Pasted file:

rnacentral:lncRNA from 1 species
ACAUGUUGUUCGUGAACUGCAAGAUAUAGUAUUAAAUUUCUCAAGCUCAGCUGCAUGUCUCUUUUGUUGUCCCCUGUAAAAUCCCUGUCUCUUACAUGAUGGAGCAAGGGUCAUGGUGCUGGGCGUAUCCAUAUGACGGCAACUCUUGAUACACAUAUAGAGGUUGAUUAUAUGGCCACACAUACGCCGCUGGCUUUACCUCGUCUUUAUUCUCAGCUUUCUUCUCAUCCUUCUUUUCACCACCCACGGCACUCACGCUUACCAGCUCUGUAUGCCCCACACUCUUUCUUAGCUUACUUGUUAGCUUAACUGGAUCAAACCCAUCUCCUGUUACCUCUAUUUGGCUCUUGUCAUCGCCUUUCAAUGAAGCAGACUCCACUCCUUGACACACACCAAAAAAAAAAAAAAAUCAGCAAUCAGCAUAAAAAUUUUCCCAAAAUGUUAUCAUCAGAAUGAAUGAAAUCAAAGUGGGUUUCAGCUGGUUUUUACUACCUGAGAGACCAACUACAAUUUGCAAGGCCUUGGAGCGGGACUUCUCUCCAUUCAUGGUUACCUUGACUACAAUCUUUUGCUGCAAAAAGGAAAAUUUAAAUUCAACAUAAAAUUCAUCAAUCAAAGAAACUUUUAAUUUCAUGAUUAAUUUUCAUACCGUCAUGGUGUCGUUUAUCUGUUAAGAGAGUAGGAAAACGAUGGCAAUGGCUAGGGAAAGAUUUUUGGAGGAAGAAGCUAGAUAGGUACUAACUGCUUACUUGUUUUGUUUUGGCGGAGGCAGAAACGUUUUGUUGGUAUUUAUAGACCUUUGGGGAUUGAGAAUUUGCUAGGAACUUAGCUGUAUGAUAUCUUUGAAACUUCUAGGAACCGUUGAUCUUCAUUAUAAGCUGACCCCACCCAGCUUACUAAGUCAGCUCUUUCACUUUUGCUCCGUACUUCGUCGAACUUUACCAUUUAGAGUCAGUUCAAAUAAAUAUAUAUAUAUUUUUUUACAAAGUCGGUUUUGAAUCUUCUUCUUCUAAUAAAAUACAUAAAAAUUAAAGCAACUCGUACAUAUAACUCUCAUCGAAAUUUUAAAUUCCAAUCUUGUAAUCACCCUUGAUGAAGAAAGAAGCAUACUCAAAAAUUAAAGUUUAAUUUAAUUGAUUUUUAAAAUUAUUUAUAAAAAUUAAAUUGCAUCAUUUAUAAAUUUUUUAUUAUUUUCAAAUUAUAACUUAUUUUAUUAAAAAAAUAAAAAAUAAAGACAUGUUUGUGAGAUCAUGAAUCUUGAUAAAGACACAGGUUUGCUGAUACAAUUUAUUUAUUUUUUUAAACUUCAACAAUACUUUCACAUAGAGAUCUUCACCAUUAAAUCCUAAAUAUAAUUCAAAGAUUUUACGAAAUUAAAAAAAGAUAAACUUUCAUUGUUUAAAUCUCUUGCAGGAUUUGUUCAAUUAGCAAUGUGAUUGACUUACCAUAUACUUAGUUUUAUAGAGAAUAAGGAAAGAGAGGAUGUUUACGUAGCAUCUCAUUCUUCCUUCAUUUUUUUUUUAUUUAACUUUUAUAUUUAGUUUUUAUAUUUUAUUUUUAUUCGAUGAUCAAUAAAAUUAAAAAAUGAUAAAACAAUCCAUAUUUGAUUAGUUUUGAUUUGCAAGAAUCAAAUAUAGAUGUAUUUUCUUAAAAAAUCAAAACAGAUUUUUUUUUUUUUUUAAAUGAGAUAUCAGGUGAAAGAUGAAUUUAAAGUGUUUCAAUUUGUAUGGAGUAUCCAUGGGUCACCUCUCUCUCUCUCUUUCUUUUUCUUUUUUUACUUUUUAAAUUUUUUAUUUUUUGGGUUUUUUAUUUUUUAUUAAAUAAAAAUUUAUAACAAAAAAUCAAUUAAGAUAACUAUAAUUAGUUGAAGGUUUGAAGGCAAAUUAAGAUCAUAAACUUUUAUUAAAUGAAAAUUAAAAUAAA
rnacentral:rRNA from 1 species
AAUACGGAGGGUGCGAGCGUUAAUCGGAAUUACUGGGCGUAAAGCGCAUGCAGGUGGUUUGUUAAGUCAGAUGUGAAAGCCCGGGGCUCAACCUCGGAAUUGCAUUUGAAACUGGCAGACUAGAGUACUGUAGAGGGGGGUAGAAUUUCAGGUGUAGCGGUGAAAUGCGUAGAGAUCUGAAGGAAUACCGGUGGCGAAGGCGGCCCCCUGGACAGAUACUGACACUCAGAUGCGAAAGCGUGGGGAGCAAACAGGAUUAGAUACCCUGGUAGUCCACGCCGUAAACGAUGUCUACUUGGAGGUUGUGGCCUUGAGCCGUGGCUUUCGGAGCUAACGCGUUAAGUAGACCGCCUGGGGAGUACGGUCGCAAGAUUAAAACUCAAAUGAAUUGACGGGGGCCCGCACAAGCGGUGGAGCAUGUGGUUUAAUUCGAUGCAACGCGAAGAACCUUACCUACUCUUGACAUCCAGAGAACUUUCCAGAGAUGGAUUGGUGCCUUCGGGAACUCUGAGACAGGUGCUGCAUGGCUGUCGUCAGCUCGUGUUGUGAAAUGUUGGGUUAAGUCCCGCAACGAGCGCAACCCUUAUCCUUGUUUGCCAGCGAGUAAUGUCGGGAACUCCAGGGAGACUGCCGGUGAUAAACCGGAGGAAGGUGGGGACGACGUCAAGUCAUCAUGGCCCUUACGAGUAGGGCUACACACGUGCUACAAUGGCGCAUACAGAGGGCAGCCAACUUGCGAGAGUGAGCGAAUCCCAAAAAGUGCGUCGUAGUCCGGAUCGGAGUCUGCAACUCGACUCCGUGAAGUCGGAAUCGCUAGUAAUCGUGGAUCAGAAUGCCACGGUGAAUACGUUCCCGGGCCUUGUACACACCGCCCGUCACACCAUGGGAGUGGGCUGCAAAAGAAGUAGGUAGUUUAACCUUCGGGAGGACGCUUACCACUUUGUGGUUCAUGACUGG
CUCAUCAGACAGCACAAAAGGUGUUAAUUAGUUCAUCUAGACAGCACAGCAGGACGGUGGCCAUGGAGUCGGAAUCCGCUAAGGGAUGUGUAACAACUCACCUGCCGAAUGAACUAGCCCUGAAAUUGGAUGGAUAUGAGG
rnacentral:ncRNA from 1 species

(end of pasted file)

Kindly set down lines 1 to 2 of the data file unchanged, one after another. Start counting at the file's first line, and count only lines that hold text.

rnacentral:lncRNA from 1 species
ACAUGUUGUUCGUGAACUGCAAGAUAUAGUAUUAAAUUUCUCAAGCUCAGCUGCAUGUCUCUUUUGUUGUCCCCUGUAAAAUCCCUGUCUCUUACAUGAUGGAGCAAGGGUCAUGGUGCUGGGCGUAUCCAUAUGACGGCAACUCUUGAUACACAUAUAGAGGUUGAUUAUAUGGCCACACAUACGCCGCUGGCUUUACCUCGUCUUUAUUCUCAGCUUUCUUCUCAUCCUUCUUUUCACCACCCACGGCACUCACGCUUACCAGCUCUGUAUGCCCCACACUCUUUCUUAGCUUACUUGUUAGCUUAACUGGAUCAAACCCAUCUCCUGUUACCUCUAUUUGGCUCUUGUCAUCGCCUUUCAAUGAAGCAGACUCCACUCCUUGACACACACCAAAAAAAAAAAAAAAUCAGCAAUCAGCAUAAAAAUUUUCCCAAAAUGUUAUCAUCAGAAUGAAUGAAAUCAAAGUGGGUUUCAGCUGGUUUUUACUACCUGAGAGACCAACUACAAUUUGCAAGGCCUUGGAGCGGGACUUCUCUCCAUUCAUGGUUACCUUGACUACAAUCUUUUGCUGCAAAAAGGAAAAUUUAAAUUCAACAUAAAAUUCAUCAAUCAAAGAAACUUUUAAUUUCAUGAUUAAUUUUCAUACCGUCAUGGUGUCGUUUAUCUGUUAAGAGAGUAGGAAAACGAUGGCAAUGGCUAGGGAAAGAUUUUUGGAGGAAGAAGCUAGAUAGGUACUAACUGCUUACUUGUUUUGUUUUGGCGGAGGCAGAAACGUUUUGUUGGUAUUUAUAGACCUUUGGGGAUUGAGAAUUUGCUAGGAACUUAGCUGUAUGAUAUCUUUGAAACUUCUAGGAACCGUUGAUCUUCAUUAUAAGCUGACCCCACCCAGCUUACUAAGUCAGCUCUUUCACUUUUGCUCCGUACUUCGUCGAACUUUACCAUUUAGAGUCAGUUCAAAUAAAUAUAUAUAUAUUUUUUUACAAAGUCGGUUUUGAAUCUUCUUCUUCUAAUAAAAUACAUAAAAAUUAAAGCAACUCGUACAUAUAACUCUCAUCGAAAUUUUAAAUUCCAAUCUUGUAAUCACCCUUGAUGAAGAAAGAAGCAUACUCAAAAAUUAAAGUUUAAUUUAAUUGAUUUUUAAAAUUAUUUAUAAAAAUUAAAUUGCAUCAUUUAUAAAUUUUUUAUUAUUUUCAAAUUAUAACUUAUUUUAUUAAAAAAAUAAAAAAUAAAGACAUGUUUGUGAGAUCAUGAAUCUUGAUAAAGACACAGGUUUGCUGAUACAAUUUAUUUAUUUUUUUAAACUUCAACAAUACUUUCACAUAGAGAUCUUCACCAUUAAAUCCUAAAUAUAAUUCAAAGAUUUUACGAAAUUAAAAAAAGAUAAACUUUCAUUGUUUAAAUCUCUUGCAGGAUUUGUUCAAUUAGCAAUGUGAUUGACUUACCAUAUACUUAGUUUUAUAGAGAAUAAGGAAAGAGAGGAUGUUUACGUAGCAUCUCAUUCUUCCUUCAUUUUUUUUUUAUUUAACUUUUAUAUUUAGUUUUUAUAUUUUAUUUUUAUUCGAUGAUCAAUAAAAUUAAAAAAUGAUAAAACAAUCCAUAUUUGAUUAGUUUUGAUUUGCAAGAAUCAAAUAUAGAUGUAUUUUCUUAAAAAAUCAAAACAGAUUUUUUUUUUUUUUUAAAUGAGAUAUCAGGUGAAAGAUGAAUUUAAAGUGUUUCAAUUUGUAUGGAGUAUCCAUGGGUCACCUCUCUCUCUCUCUUUCUUUUUCUUUUUUUACUUUUUAAAUUUUUUAUUUUUUGGGUUUUUUAUUUUUUAUUAAAUAAAAAUUUAUAACAAAAAAUCAAUUAAGAUAACUAUAAUUAGUUGAAGGUUUGAAGGCAAAUUAAGAUCAUAAACUUUUAUUAAAUGAAAAUUAAAAUAAA